Canadians score C on CIBC’s tax test

Only 19% received an A grade and many could leave money on the table come tax time

TORONTO, April 20, 2022 /CNW/ – Towards the due date for this year’s personal income tax May 2, 2022CIBC tested Canadians’ knowledge to assess their understanding of a range of tax scenarios and found that there were gaps in understanding of important tax concepts.

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Only 19% of Canadians scored 80% or higher on the 10-question quiz. The good news is that more people (41%) answered at least seven questions correctly.

“Having a good understanding of personal income tax is essential not only to file your return accurately, but the more tax knowledge people have, the better they can take advantage of applicable tax deductions and credits that may, in some cases result in cost savings,” mentioned Jamie GolombekManaging Director, Tax and Estate Planning, CIBC.

Among the most common scenarios Canadians were asked in the test, many were split (50%) on whether someone can give their child a tax-free gift of any amount (they can). Another question of whether a spouse or partner is responsible for their partner not filing their tax returns tripped up some respondents, with 49% believing they could be held responsible.

“A lot of Canadians would need a tax reminder,” added Mr. Golombek. “There is still some confusion around topics such as inheritances, gifts and spousal liability.”

To help Canadians better plan and prepare their tax returns, CIBC offers free resources from leading experts such as Jamie Golombek. For more information, talk to your advisor or visit our Tax Strategies website.

The most common misunderstandings among Canadians

  • 32% think lottery winnings are considered taxable income

  • 46% believe an inheritance received by a Canadian resident is not tax-free

  • 50% think you can’t give your child a tax-free gift

  • 36% think laser eye surgery is not an eligible medical expense

True or False test questions:

  • Withdrawals from a Registered Retirement Savings Plan (RRSP), other than for education or buying a first home, are taxable. (True, 85% correct)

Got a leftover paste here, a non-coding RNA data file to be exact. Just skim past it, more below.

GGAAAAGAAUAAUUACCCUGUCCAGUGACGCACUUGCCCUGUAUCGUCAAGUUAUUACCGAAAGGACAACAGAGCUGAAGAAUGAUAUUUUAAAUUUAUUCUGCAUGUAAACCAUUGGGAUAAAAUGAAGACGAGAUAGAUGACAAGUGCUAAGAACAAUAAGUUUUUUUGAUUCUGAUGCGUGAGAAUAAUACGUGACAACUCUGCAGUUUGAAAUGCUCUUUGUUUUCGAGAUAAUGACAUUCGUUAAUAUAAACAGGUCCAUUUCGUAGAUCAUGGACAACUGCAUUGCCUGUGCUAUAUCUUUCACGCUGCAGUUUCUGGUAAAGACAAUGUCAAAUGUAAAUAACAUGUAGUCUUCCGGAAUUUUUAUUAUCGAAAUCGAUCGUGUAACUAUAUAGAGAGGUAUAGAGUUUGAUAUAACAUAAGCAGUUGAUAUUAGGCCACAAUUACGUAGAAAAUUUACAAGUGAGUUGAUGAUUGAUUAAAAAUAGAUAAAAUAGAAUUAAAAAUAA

• Lottery winnings are considered taxable income. (Fake, 68% correct)

  • Receipts and records must be kept for 6 years for tax purposes. (True83% correct)

  • Laser eye surgery is an eligible medical expense. (True64% correct answers)

  • Moving expenses can be a valid tax deduction if you moved for work or school. (True85% correct)

  • Selling a personal item worth less than $1,000, online, is a taxable transaction. (Fake72 percent correct)

  • It is possible to make an adjustment to your tax return after filing. (True83% correct)

  • You are responsible if your spouse does not file their tax returns. (Fake51% correct answers)

  • You can give your child a tax-free gift of any amount. (True50% right)

  • An inheritance received by a Canadian resident is tax free. (True54% correct answers)

About CIBC

CIBC is a leading North American financial institution with 11 million personal, commercial, public sector and institutional banking customers. In Personal and Small Business Banking, Commercial Banking, and Wealth Management and Capital Markets, CIBC offers a full range of advice, solutions and services through its leading digital banking network and locations across Canada, United States and around the world. Current press releases and more information about CIBC are available at


This Maru public opinion survey conducted on behalf of CIBC was conducted by the sampling and data collection experts at Maru/Blue. 1,515 randomly selected Canadian adults who are Maru Voice Canada online panelists were interviewed by March 31 to April 1, 2022. The results of this study were weighted according to education, age, gender and region (and in Quebec, language) to match the population, according to census data. This is to ensure that the sample is representative of the entire adult population of Canada. For comparison purposes, a probability sample of this size of full-time employed respondents used in this study has an estimated margin of error (which measures sampling variability) of +/- 3.0%, 19 times out of 20. or between totals when compared to data tables are due to rounding.




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Donald E. Patel